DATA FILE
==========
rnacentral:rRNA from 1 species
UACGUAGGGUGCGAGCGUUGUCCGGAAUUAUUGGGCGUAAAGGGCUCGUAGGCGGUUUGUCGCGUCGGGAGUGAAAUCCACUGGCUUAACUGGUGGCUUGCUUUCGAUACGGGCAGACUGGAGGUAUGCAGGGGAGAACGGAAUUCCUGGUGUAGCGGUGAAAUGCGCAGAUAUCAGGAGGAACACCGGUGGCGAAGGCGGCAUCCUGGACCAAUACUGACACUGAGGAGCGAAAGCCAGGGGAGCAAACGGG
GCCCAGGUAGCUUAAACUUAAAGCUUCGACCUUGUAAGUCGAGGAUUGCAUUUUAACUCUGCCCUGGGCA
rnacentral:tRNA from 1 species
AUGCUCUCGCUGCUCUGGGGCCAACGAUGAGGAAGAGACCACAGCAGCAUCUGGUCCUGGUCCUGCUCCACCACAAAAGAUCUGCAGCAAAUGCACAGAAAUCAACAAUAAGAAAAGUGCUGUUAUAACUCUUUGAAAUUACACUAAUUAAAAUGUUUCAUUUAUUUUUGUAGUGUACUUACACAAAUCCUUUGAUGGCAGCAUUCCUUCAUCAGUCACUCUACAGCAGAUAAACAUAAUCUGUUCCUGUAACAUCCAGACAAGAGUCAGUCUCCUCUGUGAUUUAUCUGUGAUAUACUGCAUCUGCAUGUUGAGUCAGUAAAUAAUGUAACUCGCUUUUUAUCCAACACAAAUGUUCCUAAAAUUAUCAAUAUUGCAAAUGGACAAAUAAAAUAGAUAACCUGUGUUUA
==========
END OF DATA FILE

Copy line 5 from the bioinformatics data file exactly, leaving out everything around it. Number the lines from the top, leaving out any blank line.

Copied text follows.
AUGCUCUCGCUGCUCUGGGGCCAACGAUGAGGAAGAGACCACAGCAGCAUCUGGUCCUGGUCCUGCUCCACCACAAAAGAUCUGCAGCAAAUGCACAGAAAUCAACAAUAAGAAAAGUGCUGUUAUAACUCUUUGAAAUUACACUAAUUAAAAUGUUUCAUUUAUUUUUGUAGUGUACUUACACAAAUCCUUUGAUGGCAGCAUUCCUUCAUCAGUCACUCUACAGCAGAUAAACAUAAUCUGUUCCUGUAACAUCCAGACAAGAGUCAGUCUCCUCUGUGAUUUAUCUGUGAUAUACUGCAUCUGCAUGUUGAGUCAGUAAAUAAUGUAACUCGCUUUUUAUCCAACACAAAUGUUCCUAAAAUUAUCAAUAUUGCAAAUGGACAAAUAAAAUAGAUAACCUGUGUUUA